Macular, retinal layers thicker in eyes with vs without diabetic retinopathy

Jairia Dela Cruz
01 Jan 2018
Macular, retinal layers thicker in eyes with vs without diabetic retinopathy

Individuals with diabetic retinopathy (DR) appear to have thicker macula and outer retina compared with those who do not have the diabetic eye disease, and such thickening is more pronounced in eyes with severe DR, according to a study.

The study involved 2,240 eyes from 1,280 patients with diabetes from the Singapore Epidemiology of Eye Diseases Study. Of these, 1,764 eyes (78.7 percent) had no DR, 351 (15.7 percent) had minimal or mild DR, and 125 (5.6 percent) had moderate or worse DR.

Multiple linear regression analysis showed that relative to eyes without DR, those with the diabetic eye disease had thicker macula (245.44 vs 243.04 µm; p=0.03) and outer retina (124.26 vs 123.08 µm; p=0.01). [Br J Ophthalmol 2017;doi:10.1136/bjophthalmol-2017-310959]

When analysis was stratified by DR severity, moderate or worse DR, but not minimal or mild DR, was associated with increased thickness in the macula (250.24 vs 242.88 µm; p=0.011) and outer retina (126.4 vs 123.0 μm; p=0.006) compared with no DR.

“These findings may provide insights into the pathophysiological changes of DR in different retinal layers,” the authors said.

“DR is a leading cause of vision impairment and blindness worldwide, especially in developed countries. [It] has substantial impact on visual function and quality of life of affected individuals,” they continued.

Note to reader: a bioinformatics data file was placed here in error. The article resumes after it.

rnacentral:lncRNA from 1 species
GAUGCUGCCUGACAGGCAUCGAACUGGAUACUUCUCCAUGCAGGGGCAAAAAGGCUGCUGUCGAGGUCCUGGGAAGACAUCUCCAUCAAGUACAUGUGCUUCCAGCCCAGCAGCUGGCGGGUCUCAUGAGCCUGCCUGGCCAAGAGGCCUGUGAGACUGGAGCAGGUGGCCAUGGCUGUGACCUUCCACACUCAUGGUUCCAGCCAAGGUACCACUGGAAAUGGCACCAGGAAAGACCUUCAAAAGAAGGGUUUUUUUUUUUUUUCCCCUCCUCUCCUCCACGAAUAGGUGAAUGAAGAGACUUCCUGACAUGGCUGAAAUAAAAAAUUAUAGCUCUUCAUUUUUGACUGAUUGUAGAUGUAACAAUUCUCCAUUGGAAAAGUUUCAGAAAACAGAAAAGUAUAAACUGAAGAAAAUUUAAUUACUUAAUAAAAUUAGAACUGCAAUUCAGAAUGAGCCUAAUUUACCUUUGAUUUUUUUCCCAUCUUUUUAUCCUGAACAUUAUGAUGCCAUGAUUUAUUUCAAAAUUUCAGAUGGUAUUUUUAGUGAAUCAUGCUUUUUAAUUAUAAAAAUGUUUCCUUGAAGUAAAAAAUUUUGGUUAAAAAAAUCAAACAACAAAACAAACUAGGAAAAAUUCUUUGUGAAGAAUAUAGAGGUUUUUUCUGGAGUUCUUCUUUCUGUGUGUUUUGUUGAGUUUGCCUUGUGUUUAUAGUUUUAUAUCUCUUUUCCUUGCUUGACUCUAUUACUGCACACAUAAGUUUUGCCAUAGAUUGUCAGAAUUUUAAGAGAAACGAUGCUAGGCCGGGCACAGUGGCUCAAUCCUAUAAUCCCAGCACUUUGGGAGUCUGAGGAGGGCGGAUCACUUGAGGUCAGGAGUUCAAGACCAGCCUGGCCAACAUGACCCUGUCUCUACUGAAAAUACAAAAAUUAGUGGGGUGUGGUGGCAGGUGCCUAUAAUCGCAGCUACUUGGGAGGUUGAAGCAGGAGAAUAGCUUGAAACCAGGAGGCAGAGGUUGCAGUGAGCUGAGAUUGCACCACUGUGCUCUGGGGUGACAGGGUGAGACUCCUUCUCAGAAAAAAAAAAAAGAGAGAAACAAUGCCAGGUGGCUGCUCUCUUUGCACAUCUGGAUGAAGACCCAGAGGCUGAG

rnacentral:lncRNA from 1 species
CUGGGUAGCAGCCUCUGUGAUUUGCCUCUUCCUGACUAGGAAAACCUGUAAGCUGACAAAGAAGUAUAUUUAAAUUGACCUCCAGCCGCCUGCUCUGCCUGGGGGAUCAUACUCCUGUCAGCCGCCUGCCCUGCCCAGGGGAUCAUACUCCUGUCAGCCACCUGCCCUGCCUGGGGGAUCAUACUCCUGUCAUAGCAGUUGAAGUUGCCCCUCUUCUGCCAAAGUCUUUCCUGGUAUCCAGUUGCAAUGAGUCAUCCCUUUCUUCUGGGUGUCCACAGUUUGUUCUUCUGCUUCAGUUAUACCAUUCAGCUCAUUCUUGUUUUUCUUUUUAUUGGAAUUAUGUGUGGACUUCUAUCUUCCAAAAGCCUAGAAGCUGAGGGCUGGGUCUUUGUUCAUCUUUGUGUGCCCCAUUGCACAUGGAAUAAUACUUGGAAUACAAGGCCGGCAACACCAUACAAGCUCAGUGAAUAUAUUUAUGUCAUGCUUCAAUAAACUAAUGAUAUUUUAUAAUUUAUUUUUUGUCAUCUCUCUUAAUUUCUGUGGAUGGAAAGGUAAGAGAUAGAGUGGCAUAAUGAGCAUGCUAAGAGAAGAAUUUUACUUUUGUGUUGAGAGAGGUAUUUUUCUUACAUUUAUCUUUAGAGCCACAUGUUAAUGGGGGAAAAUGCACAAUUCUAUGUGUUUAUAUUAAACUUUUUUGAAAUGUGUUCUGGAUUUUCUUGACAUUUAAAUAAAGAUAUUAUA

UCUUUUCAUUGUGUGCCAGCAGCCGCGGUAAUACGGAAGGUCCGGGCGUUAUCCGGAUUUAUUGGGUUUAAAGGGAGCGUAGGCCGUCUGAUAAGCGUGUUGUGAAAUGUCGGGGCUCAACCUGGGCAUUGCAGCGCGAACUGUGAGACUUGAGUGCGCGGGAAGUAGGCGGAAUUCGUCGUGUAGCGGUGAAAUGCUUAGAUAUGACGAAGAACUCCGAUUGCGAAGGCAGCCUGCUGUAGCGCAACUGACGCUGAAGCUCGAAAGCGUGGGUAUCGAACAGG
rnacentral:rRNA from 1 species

Increasing evidence suggests that neuronal changes, such as neural apoptosis, loss of ganglion cell bodies, and thinner inner retinal layers, may occur prior to the distinct vascular lesions seen in DR (eg, microaneurysms and retinal haemorrhages). [Nat Rev Dis Primers 2016;2:16012; Proc Natl Acad Sci USA 2016;113:E2655–E2664]

Thus, a comprehensive evaluation on the changes in macular thickness, as well as in the ganglion cell-inner plexiform layer and outer retinal thickness, in individuals with diabetes may help shed some light on the pathogenesis of DR, the authors pointed out.

Despite using a large sample size from an Asian population-based study and applying comprehensive and standardised measurements of potential confounders (eg, systemic chronic diseases, non-DR, and macular oedema), one of the study’s weaknesses is its limited statistical power due mainly to the very few cases of severe nonproliferative DR (n=1) and proliferative DR (n=24), they said.

Also, as the study applies a cross-sectional analysis, the present data “cannot ascertain the actual causal relationship between retinal layer thickness changes and DR. Hence, future longitudinal follow-up studies are required to further validate our findings,” the authors added.

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